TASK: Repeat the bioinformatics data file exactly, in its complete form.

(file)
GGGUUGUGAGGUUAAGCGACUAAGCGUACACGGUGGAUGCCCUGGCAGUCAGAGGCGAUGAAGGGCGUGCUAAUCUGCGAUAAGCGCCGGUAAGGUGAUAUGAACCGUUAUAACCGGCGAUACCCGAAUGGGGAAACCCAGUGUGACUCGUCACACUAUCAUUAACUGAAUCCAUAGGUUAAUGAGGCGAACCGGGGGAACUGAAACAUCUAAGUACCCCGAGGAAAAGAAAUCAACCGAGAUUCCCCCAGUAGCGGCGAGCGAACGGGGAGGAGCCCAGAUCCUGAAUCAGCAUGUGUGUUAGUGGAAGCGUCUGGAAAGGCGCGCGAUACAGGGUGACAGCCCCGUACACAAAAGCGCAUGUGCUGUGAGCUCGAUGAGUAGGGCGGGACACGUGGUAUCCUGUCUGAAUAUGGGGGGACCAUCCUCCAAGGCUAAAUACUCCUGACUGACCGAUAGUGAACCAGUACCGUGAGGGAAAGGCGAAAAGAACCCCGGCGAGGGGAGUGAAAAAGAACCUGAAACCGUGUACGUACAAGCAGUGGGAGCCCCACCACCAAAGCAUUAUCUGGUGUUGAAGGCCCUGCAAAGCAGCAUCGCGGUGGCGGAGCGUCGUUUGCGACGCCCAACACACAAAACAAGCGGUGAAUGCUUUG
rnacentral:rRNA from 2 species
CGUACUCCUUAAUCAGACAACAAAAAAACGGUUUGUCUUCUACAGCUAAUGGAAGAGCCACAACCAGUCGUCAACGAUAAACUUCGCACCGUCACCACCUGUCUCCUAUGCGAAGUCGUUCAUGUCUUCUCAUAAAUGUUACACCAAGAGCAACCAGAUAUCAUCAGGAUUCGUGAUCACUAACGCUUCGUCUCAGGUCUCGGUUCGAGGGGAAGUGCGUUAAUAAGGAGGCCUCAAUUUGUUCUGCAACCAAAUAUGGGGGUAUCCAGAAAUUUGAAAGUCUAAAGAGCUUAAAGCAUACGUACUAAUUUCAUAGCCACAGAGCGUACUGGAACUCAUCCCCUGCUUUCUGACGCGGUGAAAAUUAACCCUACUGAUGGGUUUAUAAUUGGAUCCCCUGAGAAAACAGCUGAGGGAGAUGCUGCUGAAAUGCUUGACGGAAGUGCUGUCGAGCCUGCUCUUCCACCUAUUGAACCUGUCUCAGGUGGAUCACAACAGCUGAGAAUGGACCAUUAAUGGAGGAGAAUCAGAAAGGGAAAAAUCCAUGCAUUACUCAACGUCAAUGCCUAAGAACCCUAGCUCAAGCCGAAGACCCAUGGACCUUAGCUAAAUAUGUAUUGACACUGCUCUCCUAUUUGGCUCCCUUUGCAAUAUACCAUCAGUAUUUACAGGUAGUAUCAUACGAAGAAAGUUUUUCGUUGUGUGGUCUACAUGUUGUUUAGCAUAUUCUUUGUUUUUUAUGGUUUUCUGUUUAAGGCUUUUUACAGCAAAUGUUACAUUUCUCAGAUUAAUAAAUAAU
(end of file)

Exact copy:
GGGUUGUGAGGUUAAGCGACUAAGCGUACACGGUGGAUGCCCUGGCAGUCAGAGGCGAUGAAGGGCGUGCUAAUCUGCGAUAAGCGCCGGUAAGGUGAUAUGAACCGUUAUAACCGGCGAUACCCGAAUGGGGAAACCCAGUGUGACUCGUCACACUAUCAUUAACUGAAUCCAUAGGUUAAUGAGGCGAACCGGGGGAACUGAAACAUCUAAGUACCCCGAGGAAAAGAAAUCAACCGAGAUUCCCCCAGUAGCGGCGAGCGAACGGGGAGGAGCCCAGAUCCUGAAUCAGCAUGUGUGUUAGUGGAAGCGUCUGGAAAGGCGCGCGAUACAGGGUGACAGCCCCGUACACAAAAGCGCAUGUGCUGUGAGCUCGAUGAGUAGGGCGGGACACGUGGUAUCCUGUCUGAAUAUGGGGGGACCAUCCUCCAAGGCUAAAUACUCCUGACUGACCGAUAGUGAACCAGUACCGUGAGGGAAAGGCGAAAAGAACCCCGGCGAGGGGAGUGAAAAAGAACCUGAAACCGUGUACGUACAAGCAGUGGGAGCCCCACCACCAAAGCAUUAUCUGGUGUUGAAGGCCCUGCAAAGCAGCAUCGCGGUGGCGGAGCGUCGUUUGCGACGCCCAACACACAAAACAAGCGGUGAAUGCUUUG
rnacentral:rRNA from 2 species
CGUACUCCUUAAUCAGACAACAAAAAAACGGUUUGUCUUCUACAGCUAAUGGAAGAGCCACAACCAGUCGUCAACGAUAAACUUCGCACCGUCACCACCUGUCUCCUAUGCGAAGUCGUUCAUGUCUUCUCAUAAAUGUUACACCAAGAGCAACCAGAUAUCAUCAGGAUUCGUGAUCACUAACGCUUCGUCUCAGGUCUCGGUUCGAGGGGAAGUGCGUUAAUAAGGAGGCCUCAAUUUGUUCUGCAACCAAAUAUGGGGGUAUCCAGAAAUUUGAAAGUCUAAAGAGCUUAAAGCAUACGUACUAAUUUCAUAGCCACAGAGCGUACUGGAACUCAUCCCCUGCUUUCUGACGCGGUGAAAAUUAACCCUACUGAUGGGUUUAUAAUUGGAUCCCCUGAGAAAACAGCUGAGGGAGAUGCUGCUGAAAUGCUUGACGGAAGUGCUGUCGAGCCUGCUCUUCCACCUAUUGAACCUGUCUCAGGUGGAUCACAACAGCUGAGAAUGGACCAUUAAUGGAGGAGAAUCAGAAAGGGAAAAAUCCAUGCAUUACUCAACGUCAAUGCCUAAGAACCCUAGCUCAAGCCGAAGACCCAUGGACCUUAGCUAAAUAUGUAUUGACACUGCUCUCCUAUUUGGCUCCCUUUGCAAUAUACCAUCAGUAUUUACAGGUAGUAUCAUACGAAGAAAGUUUUUCGUUGUGUGGUCUACAUGUUGUUUAGCAUAUUCUUUGUUUUUUAUGGUUUUCUGUUUAAGGCUUUUUACAGCAAAUGUUACAUUUCUCAGAUUAAUAAAUAAU